Take A Hike: Adventures In Dog Hiking Part 1
A-hiking we will go! Oscar and I take on the challenge of dog hiking
Oscar and I decided we needed a new challenge this summer. We’re not the most athletic pair – you could call us couch cuddle enablers. But since I’m the responsible one in the relationship, it was up to me to pick a new summer activity and get us off our butts.
Picking one that would suit the both of us was a challenge in itself. Oscar is a 10 pound Shih Tzu/Chihuahua mix who is content at barking at dogs visiting the neighboring vet’s office. We needed something that he would be able to accomplish physically but wouldn’t bore us both to pieces. The options didn’t look promising. That was, until I met Jessica Rhae from You Did What With Your Weiner?
I know – that site sounds way dirtier than it actually is! But this is a website that’s dedicated to Jessica’s hiking adventures with her two miniature Dachshunds, Chester and Gretel. If those two little pooches can climb mountains and rocky trails, there’s no reason why Oscar and I can’t do it!
Because I’m such a hiking noob, Jessica was generous with her advice and was happy to pass along just a few of the things she thought I’d need to know on my first hike. Because this was my first hike, she suggested that I keep it short. If we were to get tired or whiny (that would be me, not Oscar), it would be much easier to bail. Jessica wisely notes that the goal of your first hike is to make it positive – that way, you’re more likely to want to do it again.
A good jumping-off point would be about two to three hours, at a distance of three to five miles. Jessica recommends a trail that is flat to gently rolling – so don’t try to conquer Mount Everest on your first time out.
What To Bring On Your Hike
Because you’re going to be out on the trails for an extended period of time, you’re going to have to bring a few things (in a backpack). But one thing you can never have too much of is water, says Jessica. You’d better have plenty of water and snacks for you and your pups. You don’t want to get dehydrated, so plan to take a sip of water about every five to 10 minutes while out hiking. Jessica likes to use a hydration bladder for convenience sake.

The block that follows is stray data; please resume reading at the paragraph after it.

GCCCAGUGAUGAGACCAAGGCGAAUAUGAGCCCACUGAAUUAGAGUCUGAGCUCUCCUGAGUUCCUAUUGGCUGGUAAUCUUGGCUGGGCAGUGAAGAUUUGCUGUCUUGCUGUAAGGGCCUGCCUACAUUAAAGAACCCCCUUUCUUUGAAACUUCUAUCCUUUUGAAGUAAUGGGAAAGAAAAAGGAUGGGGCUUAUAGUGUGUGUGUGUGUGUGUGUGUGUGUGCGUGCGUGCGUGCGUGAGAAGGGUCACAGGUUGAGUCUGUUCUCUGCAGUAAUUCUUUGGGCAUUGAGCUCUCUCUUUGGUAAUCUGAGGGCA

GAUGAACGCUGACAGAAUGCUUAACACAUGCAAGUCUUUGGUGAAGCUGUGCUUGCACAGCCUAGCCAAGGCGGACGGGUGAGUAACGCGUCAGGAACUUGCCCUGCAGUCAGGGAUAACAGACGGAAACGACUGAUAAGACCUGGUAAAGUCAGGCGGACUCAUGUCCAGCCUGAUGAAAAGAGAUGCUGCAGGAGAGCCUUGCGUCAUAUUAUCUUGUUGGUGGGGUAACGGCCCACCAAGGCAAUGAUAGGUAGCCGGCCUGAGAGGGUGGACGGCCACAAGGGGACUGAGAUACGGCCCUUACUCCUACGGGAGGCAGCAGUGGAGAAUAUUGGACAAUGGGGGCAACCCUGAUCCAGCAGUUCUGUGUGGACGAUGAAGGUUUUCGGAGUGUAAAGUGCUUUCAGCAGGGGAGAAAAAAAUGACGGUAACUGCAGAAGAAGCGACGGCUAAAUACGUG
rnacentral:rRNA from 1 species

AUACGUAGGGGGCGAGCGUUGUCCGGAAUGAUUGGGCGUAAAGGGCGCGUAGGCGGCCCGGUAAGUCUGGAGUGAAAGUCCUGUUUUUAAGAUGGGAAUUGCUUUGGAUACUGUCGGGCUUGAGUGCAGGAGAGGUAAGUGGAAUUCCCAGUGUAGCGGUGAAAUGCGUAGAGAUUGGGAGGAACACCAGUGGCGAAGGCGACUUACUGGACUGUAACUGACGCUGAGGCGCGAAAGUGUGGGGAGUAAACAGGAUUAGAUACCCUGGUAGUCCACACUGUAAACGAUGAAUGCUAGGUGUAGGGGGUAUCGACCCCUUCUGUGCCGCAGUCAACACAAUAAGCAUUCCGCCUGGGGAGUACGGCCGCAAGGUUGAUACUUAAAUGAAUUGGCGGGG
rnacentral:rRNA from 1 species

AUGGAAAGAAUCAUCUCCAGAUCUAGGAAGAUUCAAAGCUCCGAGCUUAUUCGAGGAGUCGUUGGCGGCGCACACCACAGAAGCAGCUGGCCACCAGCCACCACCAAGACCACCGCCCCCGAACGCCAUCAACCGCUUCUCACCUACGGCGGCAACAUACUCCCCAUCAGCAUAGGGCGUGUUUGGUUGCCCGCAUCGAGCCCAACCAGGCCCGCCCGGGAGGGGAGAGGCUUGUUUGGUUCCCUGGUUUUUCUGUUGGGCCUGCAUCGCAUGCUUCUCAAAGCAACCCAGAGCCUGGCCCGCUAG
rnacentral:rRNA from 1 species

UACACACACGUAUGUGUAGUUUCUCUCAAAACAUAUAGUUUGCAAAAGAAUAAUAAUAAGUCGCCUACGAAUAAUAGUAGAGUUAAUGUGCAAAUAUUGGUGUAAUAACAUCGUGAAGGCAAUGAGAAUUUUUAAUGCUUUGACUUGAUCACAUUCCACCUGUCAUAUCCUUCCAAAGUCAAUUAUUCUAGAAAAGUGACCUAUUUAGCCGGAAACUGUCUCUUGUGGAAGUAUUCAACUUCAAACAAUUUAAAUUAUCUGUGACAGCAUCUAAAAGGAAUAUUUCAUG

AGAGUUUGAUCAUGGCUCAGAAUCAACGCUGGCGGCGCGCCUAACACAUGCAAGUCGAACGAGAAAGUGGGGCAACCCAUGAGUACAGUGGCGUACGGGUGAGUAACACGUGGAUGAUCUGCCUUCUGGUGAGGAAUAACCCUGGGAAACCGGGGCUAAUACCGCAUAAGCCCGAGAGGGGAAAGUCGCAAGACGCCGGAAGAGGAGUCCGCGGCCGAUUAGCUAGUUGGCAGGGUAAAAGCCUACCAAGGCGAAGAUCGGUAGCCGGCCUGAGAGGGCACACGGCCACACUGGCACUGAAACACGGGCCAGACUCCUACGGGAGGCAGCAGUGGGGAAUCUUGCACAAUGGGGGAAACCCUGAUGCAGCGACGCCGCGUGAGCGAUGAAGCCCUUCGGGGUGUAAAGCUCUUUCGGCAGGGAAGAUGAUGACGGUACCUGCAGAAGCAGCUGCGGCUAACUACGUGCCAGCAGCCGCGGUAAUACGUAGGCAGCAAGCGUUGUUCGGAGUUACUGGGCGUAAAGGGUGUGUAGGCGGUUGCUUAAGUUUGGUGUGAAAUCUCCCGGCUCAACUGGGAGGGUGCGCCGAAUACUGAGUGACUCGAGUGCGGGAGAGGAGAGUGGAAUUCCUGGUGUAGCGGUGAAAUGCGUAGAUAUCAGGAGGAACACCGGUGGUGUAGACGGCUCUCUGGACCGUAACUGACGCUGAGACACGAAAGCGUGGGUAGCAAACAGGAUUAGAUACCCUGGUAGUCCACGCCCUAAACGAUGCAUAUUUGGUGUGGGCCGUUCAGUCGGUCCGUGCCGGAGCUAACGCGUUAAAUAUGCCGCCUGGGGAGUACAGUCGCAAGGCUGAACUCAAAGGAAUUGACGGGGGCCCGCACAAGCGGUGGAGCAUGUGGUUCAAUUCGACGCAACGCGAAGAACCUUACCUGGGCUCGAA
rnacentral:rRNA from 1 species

To make it super easy, Jessica’s offered up a list that every pooch packer should take hiking with them (in addition to water and snacks):
- A small flashlight or headlamp;
- A map of the trail (it doesn’t have to be fancy, it can be a photo of the map on your cell phone);
- A small first aid kit (some Band-Aids, a wound cleaning pad, and some duct take to cover sore spots on your feet before a blister forms);
- An extra pair of socks in case your feet get wet (or double as gloves in an emergency);
- A short sleeved shirt or light sweater;
- A portable dog bowl.
Leave It At Home
Not only has she picked up what to do right, Jessica also knows what not to wear on the hiking trail. Making that list are jeans and cotton – specifically cotton socks. Jeans are heavy and uncomfortable (not to mention not-at-all flexible) and cotton stops insulating when it gets wet. Plus, as soon as cotton gets damp, out come the blisters! Spend a little extra and get yourself a pair of synthetic or wool socks (she recommends Smartwool socks).
Now that I’ve been properly schooled by an expert, I’m ready to hit the trails with Oscar. I’ve also convinced a my friend and colleague Stacy, and her dog, Watson, to join me. It’s much more fun to share the experience with someone else – and I figure that between the two of us, we’ll be able to read a map!
Join us next week for Part 2 of our dog hiking extravaganza, when we hit the trails, get back to nature and come pretty close to encountering an almost alligator (which is pretty incredible considering we live in Canada, we were nowhere near a zoo and again… we live in Canada!)